To strengthen the role of the Renewable Fuel Standard (RFS) in advancing greater use of low-carbon renewable fuels, the Environmental Protection Agency (EPA) proposed a package of actions setting biofuels volumes for years 2022, 2021, and 2020, and introducing regulatory changes intended to enhance the program’s objectives. In addition, EPA is seeking public comment on a proposed decision to deny petitions to exempt small refineries from their obligations under the RFS on the grounds that petitioners failed to show that EPA has a basis under the Clean Air Act (CAA) and recent federal case law to approve them. Together, these actions reflect the Biden Administration’s commitment to reset and strengthen the RFS program following years of mismanagement by the previous administration and disruptions to the fuels market stemming from the COVID-19 pandemic.
“Despite multiple challenging dynamics affecting the RFS program in recent years, EPA remains committed to the growth of biofuels in America as a critical strategy to secure a clean, zero-carbon energy future,” EPA Administrator Michael S. Regan said in a Dec. 7 statement. “This package of actions will enable us to get the RFS program back in growth mode by setting ambitious levels for 2022, and by reinforcing the foundation of the program so that it’s rooted in science and the law.”
For 2022, EPA is proposing the highest total volumes in history, putting the program on a stable trajectory that provides for significant growth.The proposed volumes for 2022 are over 3.5 billion gallons higher than the volume of renewable fuel used in 2020. The proposed volume of advanced biofuel for 2022 is over 1 billion gallons greater than the volume used in 2020. EPA is also proposing to add a 250-million-gallon “supplemental obligation” to the volumes proposed for 2022 and stating its intent to add another 250 million gallons in 2023. This would address the remand of the 2014-2016 annual rule by the DC Circuit Court of Appeals in Americans for Clean Energy v. EPA. Spreading this obligation over two years would provide the market time to respond to this supplemental obligation. The last Administration failed to act on the Agency’s outstanding obligation to address the court’s remand.
EPA is proposing 2021 volumes at the level that it projects the market will use by the end of the year. EPA is proposing to revise the 2020 standards to account for challenges the program and the market faced that year, including from the COVID-19 pandemic.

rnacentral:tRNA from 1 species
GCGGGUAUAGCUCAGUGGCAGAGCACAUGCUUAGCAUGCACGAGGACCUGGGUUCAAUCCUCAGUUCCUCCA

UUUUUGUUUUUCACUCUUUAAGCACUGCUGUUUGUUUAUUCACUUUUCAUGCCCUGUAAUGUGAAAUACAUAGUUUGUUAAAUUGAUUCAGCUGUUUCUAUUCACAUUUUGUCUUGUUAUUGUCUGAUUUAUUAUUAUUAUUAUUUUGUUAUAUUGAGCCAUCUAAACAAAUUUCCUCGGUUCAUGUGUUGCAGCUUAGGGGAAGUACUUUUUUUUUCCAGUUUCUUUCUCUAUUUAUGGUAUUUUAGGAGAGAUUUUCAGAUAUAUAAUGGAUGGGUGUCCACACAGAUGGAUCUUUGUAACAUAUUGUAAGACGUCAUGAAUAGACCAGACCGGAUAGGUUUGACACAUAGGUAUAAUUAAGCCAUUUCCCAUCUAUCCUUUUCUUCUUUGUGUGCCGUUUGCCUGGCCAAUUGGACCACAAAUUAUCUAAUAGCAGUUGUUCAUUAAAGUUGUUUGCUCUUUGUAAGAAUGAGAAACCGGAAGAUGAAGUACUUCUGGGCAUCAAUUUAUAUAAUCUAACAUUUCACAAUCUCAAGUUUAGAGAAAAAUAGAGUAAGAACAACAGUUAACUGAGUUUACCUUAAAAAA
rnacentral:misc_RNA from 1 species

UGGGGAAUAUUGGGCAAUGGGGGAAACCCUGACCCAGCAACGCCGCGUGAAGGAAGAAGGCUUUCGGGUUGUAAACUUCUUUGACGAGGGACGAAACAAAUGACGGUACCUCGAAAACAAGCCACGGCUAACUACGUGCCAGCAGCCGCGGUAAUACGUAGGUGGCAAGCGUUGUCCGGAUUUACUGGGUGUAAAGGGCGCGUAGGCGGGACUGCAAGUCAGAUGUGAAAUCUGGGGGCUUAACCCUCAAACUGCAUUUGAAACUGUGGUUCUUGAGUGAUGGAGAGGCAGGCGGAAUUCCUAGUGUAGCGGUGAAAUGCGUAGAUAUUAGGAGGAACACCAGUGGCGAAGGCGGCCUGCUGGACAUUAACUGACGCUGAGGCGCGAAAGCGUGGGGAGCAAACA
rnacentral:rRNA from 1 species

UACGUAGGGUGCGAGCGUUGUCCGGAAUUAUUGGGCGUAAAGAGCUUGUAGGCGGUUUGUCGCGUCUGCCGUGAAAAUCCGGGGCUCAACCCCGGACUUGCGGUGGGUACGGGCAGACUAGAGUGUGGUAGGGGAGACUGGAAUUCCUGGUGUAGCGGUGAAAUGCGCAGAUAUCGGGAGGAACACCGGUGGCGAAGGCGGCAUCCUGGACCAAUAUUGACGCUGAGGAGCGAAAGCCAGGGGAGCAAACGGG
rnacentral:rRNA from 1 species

Proposed Volume Requirements for 2020-2022 (billion gallons)
|Total Renewable Fuel
*All values are ethanol-equivalent on an energy consult basis, except for BBD which is biodiesel-equivalent
To promote efficiency and opportunity in producing biofuels, this action also proposes a regulatory framework to allow biointermediates to be included in the RFS program, while ensuring environmental and programmatic safeguards are in place. Biointermediates are feedstocks that have been partially converted at one facility but are then sent to a separate facility for final processing into an RFS-qualified biofuel. Providing a way for producers to utilize biointermediates could reduce biofuel production costs in some cases, and potentially expand opportunities for more cost-effective biomass-based diesel, and advanced, and cellulosic biofuels.
SMALL REFINERY EXEMPTIONS
The proposed action denying 65 pending applications for small refinery exemptions (SREs) responds to the decision from the U.S. Court of Appeals for the Tenth Circuit in Renewable Fuels Association et al. v. EPA. This decision, issued in 2020, narrowed the situations in which EPA can grant SREs. EPA is sharing a proposed adjudication of pending SRE petitions that presents EPA’s approach in applying the direction from the Court. The proposed decision document articulates the Agency’s updated interpretation of its CAA statutory authority to grant SREs, and our analysis of the available data on RFS costs and market dynamics that compel the proposed denial.
Because the proposed SRE action is highly consequential to impacted parties, reflects an updated interpretation of the CAA, and is a change from previous EPA practice, we are implementing a public notice-and-comment process and seeking input from stakeholders, the public, and from individual petitioning refineries. We encourage all interested parties to share information, data, and legal interpretations.
Simultaneous with EPA’s announcement on Dec. 7, the U.S. Department of Agriculture (USDA) is announcing $800 million to support biofuel producers and infrastructure. This includes up to $700 million to provide economic relief to biofuel producers and restore renewable fuel markets affected by the pandemic. In the coming months, the Department will also make an additional $100 million available to increase significantly the sales and use of higher blends of bioethanol and biodiesel by expanding the infrastructure for renewable fuels derived from U.S. agricultural products. Each agency’s actions align with President Biden’s commitment to promoting and advancing biofuels to help rural America and our nation’s farmers, and to honor the leadership role American agriculture plays in our fight against climate change.
The Clean Air Act requires EPA to set annual RFS volumes of biofuels that must be used for transportation fuel for four categories of biofuels: total, advanced, cellulosic, and biomass-based diesel. EPA implements the RFS program in consultation with the U.S. Department of Agriculture, the U.S. Department of Energy, and consistent with direction from Congress.
For more information on the proposed volume requirements, visit: https://www.epa.gov/renewable-fuel-standard-program/proposed-volume-standards-2020-2021-and-2022 For more information on the small refinery exemption proposed decision, visit: https://www.epa.gov/renewable-fuel-standard-program/proposal-deny-petitions-small-refinery-exemptions